A Silver Medal at the World Junior Championships for a Rower from Monaco
This bodes very well for Monaco’s future in sculling – a powerful result, not necessarily anticipated, was scored in the junior world championships.
Gaïa Chiavini a Monegasque rower from the Club (Société) Nautique of Monaco paired with Jeanne Roche from Marseille and won the silver medal in the World Rowing Junior Championships in double scull. The duo, who had to fight very hard for this result, excelled on the Plovdiv canal in Bulgaria.
They were determined and focussed throughout the world championship series, putting in one of their best efforts in the semi-finals over the last 500 metres when they were just pipped by the Slovenians. In the qualifying heats they also recorded the fastest time just short of 7 minutes 20 seconds over 2000 metres.
Gaia is only 18 years old and now has a World Championship silver medal to her credit – though this is not her first medal. She was a bronze medallist in the quad scull in the European junior championships last year, Jeanne also being in the same boat.
But this is Gaia Chiavini’s first Junior World Championship attempt and it has ended in glory – the stuff that dreams are made of.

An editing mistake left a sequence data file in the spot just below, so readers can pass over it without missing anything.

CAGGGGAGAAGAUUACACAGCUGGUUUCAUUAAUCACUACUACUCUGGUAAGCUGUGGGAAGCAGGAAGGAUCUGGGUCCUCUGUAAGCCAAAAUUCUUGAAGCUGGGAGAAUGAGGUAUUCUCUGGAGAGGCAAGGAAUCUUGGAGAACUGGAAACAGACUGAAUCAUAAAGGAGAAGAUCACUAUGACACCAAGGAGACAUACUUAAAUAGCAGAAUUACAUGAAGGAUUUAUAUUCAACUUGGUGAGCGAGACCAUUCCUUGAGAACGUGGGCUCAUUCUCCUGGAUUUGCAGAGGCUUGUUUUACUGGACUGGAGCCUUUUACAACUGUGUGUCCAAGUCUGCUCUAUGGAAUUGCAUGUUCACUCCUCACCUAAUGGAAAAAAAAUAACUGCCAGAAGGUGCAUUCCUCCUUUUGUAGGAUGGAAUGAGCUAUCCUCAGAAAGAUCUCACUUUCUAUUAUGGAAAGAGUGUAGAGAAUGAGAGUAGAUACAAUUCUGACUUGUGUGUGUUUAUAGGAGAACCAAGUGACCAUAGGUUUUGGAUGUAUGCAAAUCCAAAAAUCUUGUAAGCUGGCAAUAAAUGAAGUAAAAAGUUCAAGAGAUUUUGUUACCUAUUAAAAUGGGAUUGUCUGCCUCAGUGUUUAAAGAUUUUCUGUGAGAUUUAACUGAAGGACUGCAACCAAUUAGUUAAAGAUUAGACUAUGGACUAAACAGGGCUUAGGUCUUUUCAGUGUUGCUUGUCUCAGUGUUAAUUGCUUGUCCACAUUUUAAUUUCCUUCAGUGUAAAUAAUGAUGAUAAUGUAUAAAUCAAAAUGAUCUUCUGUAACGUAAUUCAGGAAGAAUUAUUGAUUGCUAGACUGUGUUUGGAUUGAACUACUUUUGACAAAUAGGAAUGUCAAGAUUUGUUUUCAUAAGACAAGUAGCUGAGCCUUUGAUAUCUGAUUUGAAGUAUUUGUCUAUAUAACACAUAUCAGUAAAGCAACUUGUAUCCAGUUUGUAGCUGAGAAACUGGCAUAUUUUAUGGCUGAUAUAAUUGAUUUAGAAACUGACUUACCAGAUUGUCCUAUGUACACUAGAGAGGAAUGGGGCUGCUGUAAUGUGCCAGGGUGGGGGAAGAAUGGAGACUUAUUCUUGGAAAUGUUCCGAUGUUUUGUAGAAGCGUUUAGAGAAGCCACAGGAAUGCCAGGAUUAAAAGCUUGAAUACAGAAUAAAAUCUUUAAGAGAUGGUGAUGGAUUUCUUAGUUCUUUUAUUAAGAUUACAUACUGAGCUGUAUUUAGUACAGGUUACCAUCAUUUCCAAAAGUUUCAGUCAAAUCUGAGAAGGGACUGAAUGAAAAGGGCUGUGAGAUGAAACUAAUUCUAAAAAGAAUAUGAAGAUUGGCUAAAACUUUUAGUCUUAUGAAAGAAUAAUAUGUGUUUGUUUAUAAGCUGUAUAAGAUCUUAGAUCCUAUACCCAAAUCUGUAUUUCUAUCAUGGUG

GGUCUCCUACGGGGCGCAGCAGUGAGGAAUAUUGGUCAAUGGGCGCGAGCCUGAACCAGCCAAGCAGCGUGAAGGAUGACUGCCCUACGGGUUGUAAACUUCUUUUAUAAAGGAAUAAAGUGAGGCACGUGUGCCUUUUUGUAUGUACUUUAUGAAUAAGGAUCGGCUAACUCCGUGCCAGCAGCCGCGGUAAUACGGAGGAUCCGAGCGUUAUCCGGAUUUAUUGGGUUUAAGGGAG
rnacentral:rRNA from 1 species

In fact Ireland were the favourites, but Gaia and Jeanne were too strong and at one point in the last 500 metres were leading. The Dutch pair only just beat them, 26 centimeters separating gold from silver. Greece, Ireland, Italy and Slovenia could just not keep up with Gaia and Jeanne who represented France, Gaia being also Franco Italian from Monaco’s Club Nautique. Next for Gaia Chiavini will be the World Coastal Rowing Championships in Portugal.
Next year she will be bumped up to the seniors which will stretch her to the limit. But her confidence will be boosted from this silver medal in the world championship. The success is even more worth savouring because just short of the finish line Gaia could not see all the competing boats and thought she might be third or fourth. But keeping her head down and pulling with all her strength, everyone except the Dutch just could not keep pace. A Monegasque rower is now Vice-Champion of the World.
A Rowing Dynasty
There is something nostalgic about this result. Princess Grace’s lineage were champion rowers – you might say a rowing dynasty.
Her father John Brendan Kelly Sr. (October 4, 1889 – June 20, 1960), known as Jack Kelly, was a triple Olympic champion, the first to be so in the sport of rowing. He had also won six U.S. national championships. In 2003, the Princess Grace Challenge Cup was launched at the famous Henley venue on the Thames in the UK as an event for women’s quadruple sculls both in recognition of John B. Kelly and in memory of his daughter, Grace.
John Brenden “Jack” Kelly Jr. (May 24, 1927 – March 2, 1985), also known as Kell Kelly, was an American athlete, an accomplished rower, a four-time Olympian, and an Olympic medal winner. He was Grace’s elder brother. In 1947, Kelly was awarded the James E. Sullivan Award as the top amateur athlete in the United States.